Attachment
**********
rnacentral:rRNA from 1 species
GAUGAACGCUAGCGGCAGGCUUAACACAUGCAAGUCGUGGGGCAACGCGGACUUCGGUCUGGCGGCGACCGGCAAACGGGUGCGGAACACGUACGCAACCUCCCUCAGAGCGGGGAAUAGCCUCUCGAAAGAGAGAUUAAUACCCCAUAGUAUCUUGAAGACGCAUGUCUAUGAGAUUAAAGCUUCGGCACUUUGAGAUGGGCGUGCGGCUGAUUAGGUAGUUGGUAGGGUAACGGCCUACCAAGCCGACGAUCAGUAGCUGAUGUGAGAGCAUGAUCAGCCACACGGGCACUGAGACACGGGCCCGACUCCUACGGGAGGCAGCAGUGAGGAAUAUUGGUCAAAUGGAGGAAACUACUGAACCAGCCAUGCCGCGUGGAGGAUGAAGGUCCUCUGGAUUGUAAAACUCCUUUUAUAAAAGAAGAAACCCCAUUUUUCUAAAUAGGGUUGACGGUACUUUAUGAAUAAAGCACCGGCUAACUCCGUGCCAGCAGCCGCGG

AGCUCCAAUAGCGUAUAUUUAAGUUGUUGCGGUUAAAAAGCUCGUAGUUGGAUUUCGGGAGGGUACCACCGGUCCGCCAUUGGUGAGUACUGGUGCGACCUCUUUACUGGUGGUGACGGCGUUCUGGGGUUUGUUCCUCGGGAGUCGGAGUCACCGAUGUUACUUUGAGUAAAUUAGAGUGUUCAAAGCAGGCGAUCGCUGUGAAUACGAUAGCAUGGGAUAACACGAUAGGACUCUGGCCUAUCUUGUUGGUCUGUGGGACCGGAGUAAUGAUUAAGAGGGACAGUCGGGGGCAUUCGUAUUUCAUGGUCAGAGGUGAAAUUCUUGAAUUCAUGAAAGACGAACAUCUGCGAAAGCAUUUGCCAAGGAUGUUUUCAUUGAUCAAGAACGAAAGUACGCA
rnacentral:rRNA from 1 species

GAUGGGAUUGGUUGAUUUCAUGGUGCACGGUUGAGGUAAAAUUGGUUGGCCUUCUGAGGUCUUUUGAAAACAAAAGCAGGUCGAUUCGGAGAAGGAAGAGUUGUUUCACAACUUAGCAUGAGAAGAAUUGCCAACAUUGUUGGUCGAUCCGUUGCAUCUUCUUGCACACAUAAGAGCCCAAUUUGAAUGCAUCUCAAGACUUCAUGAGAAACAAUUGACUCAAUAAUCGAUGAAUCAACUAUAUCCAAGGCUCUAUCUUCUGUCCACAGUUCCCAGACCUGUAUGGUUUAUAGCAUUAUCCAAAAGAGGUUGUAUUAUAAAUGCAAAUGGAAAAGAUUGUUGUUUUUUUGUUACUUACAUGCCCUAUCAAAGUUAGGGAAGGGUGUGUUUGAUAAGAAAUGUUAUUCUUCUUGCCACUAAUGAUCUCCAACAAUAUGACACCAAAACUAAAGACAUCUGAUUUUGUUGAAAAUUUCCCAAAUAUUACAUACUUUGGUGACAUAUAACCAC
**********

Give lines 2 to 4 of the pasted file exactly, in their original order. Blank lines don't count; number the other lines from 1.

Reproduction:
GAUGAACGCUAGCGGCAGGCUUAACACAUGCAAGUCGUGGGGCAACGCGGACUUCGGUCUGGCGGCGACCGGCAAACGGGUGCGGAACACGUACGCAACCUCCCUCAGAGCGGGGAAUAGCCUCUCGAAAGAGAGAUUAAUACCCCAUAGUAUCUUGAAGACGCAUGUCUAUGAGAUUAAAGCUUCGGCACUUUGAGAUGGGCGUGCGGCUGAUUAGGUAGUUGGUAGGGUAACGGCCUACCAAGCCGACGAUCAGUAGCUGAUGUGAGAGCAUGAUCAGCCACACGGGCACUGAGACACGGGCCCGACUCCUACGGGAGGCAGCAGUGAGGAAUAUUGGUCAAAUGGAGGAAACUACUGAACCAGCCAUGCCGCGUGGAGGAUGAAGGUCCUCUGGAUUGUAAAACUCCUUUUAUAAAAGAAGAAACCCCAUUUUUCUAAAUAGGGUUGACGGUACUUUAUGAAUAAAGCACCGGCUAACUCCGUGCCAGCAGCCGCGG

AGCUCCAAUAGCGUAUAUUUAAGUUGUUGCGGUUAAAAAGCUCGUAGUUGGAUUUCGGGAGGGUACCACCGGUCCGCCAUUGGUGAGUACUGGUGCGACCUCUUUACUGGUGGUGACGGCGUUCUGGGGUUUGUUCCUCGGGAGUCGGAGUCACCGAUGUUACUUUGAGUAAAUUAGAGUGUUCAAAGCAGGCGAUCGCUGUGAAUACGAUAGCAUGGGAUAACACGAUAGGACUCUGGCCUAUCUUGUUGGUCUGUGGGACCGGAGUAAUGAUUAAGAGGGACAGUCGGGGGCAUUCGUAUUUCAUGGUCAGAGGUGAAAUUCUUGAAUUCAUGAAAGACGAACAUCUGCGAAAGCAUUUGCCAAGGAUGUUUUCAUUGAUCAAGAACGAAAGUACGCA
rnacentral:rRNA from 1 species